By 1989, I was done with Joe.  I bought no figures and even my youngest brother had mostly moved on.  But, I was buying the comic.  And, as I was bored each day in my first period Spanish class, I'd often write up adventures for Joe figures that I did not own.  Rock and Roll was the one who most stood out.  I thought his gear was awesome and his new look was perfect for a character from my childhood.  When I started collecting as an adult, a mint 1989 Rock and Roll was among the first figures I tracked down.  This orange figure, though, never entered my mind.  

In 1999, I was about the only person scouring Ebay for lots of figures from the 1990's.  Most collectors of that time believed the line ended in 1987 but would allow for Hit and Run and Shockwave.  Even the vaunted 1989 army builders were not overly sought after.  In one of these lots, I managed to pick up an entire set of mint and complete with filecard Super Sonic Fighters figures.  I paid less than $2 per figure for that lot.  It was a great time.  I was enamored, though, with Falcon.  And, Road Pig was terrible enough to draw my ire in and early profile.  Rock and Roll, though, fell into the back of my 1991 drawer and never escaped.  His weapon appeared with my 1991 Grunt as I thought it a better fit for that figure.  But, Rock and Roll never appeared in any photos and was completely lost.  In 2009 or so, I sold the figure in a lot of junk.  But, for some reason, I kept his accessories and filecard.

Over the past few years, I've been slowly rebuilding the collection I sold.  While I lament the rare stuff that's now too expensive to ever re-acquire, I've found that finding figures like this Rock and Roll can be a challenge, too.  Mostly, that's because I'm cheap and refuse to pay for figures.  But, also, I can take a while to find figures like Rock and Roll from sellers who have enough other items I want to be able to justify the shipping cost.  (I never pay to ship just 1 figure.)  But, as I track down each of the unchecked boxes in my database, I get to rediscover some gems like this Rock and Roll figure.  It's doubtful I'd have such glowing things to say about him had I kept the original figure that had weird, pink residue on his head.  But, in the hunt, I found value and this figure has captured my attention now, for several months.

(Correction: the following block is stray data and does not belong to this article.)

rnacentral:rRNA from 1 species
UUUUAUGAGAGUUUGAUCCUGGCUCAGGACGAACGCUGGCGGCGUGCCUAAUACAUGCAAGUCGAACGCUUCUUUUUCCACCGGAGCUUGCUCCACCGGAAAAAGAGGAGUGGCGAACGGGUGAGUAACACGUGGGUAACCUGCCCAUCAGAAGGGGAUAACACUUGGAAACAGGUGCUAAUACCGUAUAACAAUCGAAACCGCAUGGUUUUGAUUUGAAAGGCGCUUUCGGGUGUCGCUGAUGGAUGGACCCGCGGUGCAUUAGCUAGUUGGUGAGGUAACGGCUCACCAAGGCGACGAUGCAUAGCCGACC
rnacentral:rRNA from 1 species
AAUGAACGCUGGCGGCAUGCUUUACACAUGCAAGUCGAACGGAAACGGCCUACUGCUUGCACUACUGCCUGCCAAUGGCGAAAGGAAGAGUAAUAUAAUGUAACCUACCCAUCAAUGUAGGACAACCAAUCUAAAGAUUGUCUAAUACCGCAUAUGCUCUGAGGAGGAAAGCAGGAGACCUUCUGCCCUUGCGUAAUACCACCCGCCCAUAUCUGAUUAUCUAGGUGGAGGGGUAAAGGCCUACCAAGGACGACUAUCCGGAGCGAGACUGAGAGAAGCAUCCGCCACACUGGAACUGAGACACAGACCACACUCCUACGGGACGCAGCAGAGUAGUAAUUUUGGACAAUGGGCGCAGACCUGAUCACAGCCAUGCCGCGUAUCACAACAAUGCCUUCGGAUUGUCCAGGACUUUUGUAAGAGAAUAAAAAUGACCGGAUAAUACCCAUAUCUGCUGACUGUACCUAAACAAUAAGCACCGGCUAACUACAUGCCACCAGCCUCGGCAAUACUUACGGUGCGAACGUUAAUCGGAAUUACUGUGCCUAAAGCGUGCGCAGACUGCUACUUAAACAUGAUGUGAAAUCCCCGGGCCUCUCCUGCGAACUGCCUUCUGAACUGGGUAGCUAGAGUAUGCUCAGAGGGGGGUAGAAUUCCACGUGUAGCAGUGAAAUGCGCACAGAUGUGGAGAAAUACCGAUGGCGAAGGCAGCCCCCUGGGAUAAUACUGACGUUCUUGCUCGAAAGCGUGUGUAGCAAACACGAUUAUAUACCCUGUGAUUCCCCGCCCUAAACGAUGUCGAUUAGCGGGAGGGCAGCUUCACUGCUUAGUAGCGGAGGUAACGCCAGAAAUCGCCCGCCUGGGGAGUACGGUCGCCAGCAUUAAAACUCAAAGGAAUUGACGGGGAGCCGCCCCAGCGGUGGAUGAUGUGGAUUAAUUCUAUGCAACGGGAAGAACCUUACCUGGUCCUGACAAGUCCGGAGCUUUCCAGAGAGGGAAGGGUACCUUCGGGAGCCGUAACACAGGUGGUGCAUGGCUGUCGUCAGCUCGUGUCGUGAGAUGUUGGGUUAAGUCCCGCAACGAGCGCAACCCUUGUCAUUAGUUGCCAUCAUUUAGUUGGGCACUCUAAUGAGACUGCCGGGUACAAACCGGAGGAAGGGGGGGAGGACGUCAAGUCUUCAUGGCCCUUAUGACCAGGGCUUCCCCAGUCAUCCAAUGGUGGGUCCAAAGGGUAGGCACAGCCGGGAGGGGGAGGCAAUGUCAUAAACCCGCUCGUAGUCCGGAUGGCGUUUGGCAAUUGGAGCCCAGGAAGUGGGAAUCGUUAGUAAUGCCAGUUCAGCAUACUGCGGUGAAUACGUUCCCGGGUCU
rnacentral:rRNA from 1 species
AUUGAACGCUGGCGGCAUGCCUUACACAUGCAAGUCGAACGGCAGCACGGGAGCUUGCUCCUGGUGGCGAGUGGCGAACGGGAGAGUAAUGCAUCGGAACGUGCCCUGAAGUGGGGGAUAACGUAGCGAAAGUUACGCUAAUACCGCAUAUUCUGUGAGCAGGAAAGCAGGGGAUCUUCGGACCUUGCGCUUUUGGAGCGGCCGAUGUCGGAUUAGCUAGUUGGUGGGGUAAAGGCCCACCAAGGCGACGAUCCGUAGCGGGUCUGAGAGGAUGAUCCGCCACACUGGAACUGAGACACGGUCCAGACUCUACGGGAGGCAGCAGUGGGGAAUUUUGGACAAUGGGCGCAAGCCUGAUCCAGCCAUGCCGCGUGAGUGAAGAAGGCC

Rock and Roll's accessories are his calling card.  The figure includes the massive sonic backpack and a green cone that serves as a weapons stand.  He includes a brown mortar and machine gun.  The mortar is good if you have it set in the stand.  But, it doesn't work on its own.  The best weapon, though, is the machine gun.  It's an excellent sculpt that's just the right size.  The color is fun and unique to the line.  For some reason, though, the brown plastic on the weapons is very soft.  As such, the weapon handles scuff easily.  I'm not aware of any other weapons in the vintage line that are as soft (except, maybe the 1985 Shipwreck's gear).  So, it's likely a function of the plastic color.  Rock and Roll does not include his shotgun from the 1989 figure, though.  This weapon does appear on the card art.  And, in India, the Funskool version of this figure does include an exclusive version of the shotgun.  So, it was likely a last minute omission from this figure.